So, how things have gone downhill: “non potable” now, but it used to be for hundreds and hundreds of years the only source. Well, there you go.
A Cafe With A View
Just a tip, if you’re coming from the main Place de Château (there we are, to show you), this is the place to have your coffee – or beer, in my case – the “Cercle Républicain“. And if you go in there, at the back, there is a very nice verandah where fifteen of you can have your coffee and beer overlooking the valley.
Here we are in the “Cercle Républicain” Cafe in Gordes. You go through, out the back, great place, there’s only fifteen places so hop in and get your table quickly. If I stand up, you’ll see the great view we have from Gordes, actually it’s a bit reminiscent of that view on the walk from the Abbaye de Sénanque.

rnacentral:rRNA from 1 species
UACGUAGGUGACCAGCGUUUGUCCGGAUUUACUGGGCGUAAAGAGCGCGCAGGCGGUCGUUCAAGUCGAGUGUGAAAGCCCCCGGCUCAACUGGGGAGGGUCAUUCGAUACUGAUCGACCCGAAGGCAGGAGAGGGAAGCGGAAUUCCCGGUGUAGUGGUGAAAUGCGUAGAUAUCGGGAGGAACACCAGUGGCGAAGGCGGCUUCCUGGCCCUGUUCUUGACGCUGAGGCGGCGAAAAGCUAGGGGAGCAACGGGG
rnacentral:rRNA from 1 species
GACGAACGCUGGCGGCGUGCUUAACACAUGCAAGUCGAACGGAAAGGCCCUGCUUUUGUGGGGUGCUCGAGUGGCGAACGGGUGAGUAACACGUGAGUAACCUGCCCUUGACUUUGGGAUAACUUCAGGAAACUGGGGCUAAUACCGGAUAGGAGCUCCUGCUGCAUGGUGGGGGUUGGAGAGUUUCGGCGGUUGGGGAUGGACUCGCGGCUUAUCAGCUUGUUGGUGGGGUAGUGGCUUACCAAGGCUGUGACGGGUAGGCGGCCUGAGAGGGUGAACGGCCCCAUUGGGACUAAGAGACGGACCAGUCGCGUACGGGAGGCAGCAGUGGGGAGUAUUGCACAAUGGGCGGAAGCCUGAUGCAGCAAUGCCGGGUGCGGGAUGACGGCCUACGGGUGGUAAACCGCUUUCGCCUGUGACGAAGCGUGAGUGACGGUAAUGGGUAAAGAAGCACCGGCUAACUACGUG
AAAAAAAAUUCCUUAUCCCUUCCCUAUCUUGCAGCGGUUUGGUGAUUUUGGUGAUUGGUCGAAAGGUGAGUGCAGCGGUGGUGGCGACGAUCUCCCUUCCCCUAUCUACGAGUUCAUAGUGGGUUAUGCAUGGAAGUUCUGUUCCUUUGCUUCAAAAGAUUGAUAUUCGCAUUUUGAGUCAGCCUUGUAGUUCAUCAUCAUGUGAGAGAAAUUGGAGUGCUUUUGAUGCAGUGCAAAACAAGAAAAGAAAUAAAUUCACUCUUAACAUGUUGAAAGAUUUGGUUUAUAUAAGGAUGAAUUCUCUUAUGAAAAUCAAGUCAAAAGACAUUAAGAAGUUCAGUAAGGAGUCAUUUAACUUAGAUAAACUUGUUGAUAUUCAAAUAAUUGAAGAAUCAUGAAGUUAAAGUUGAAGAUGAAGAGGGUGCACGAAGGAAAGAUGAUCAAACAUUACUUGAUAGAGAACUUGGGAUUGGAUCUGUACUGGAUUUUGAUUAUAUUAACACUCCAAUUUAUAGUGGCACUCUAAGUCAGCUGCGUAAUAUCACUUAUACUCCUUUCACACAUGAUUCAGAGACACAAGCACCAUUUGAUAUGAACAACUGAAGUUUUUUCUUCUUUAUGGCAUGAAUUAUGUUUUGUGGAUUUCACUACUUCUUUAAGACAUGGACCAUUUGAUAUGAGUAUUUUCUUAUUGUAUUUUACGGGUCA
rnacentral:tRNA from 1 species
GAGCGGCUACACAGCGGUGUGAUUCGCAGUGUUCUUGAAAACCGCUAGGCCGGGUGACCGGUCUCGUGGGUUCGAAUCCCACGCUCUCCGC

As you’ll see here, see those houses over there? Brand new. See here? Brand new. But it’s facing, not the real, solid brick, stone wall that we saw on the borie earlier. It’s a pleasant little place, but next door, believe it or not, you saw it here, yep, it’s “Sotheby’s International Property“, they sell it in Luberon. So that might give you a clue as to the nature of this village.
Actually, you’re pretty isolated when you’re in this place unless you’ve got a car, because the bus service has to be reserved up front, as we found out. So I’m not sure it’s the best place to base yourself when you’re in Luberon. But still – it’s a great view!
Gordes isn’t a very big place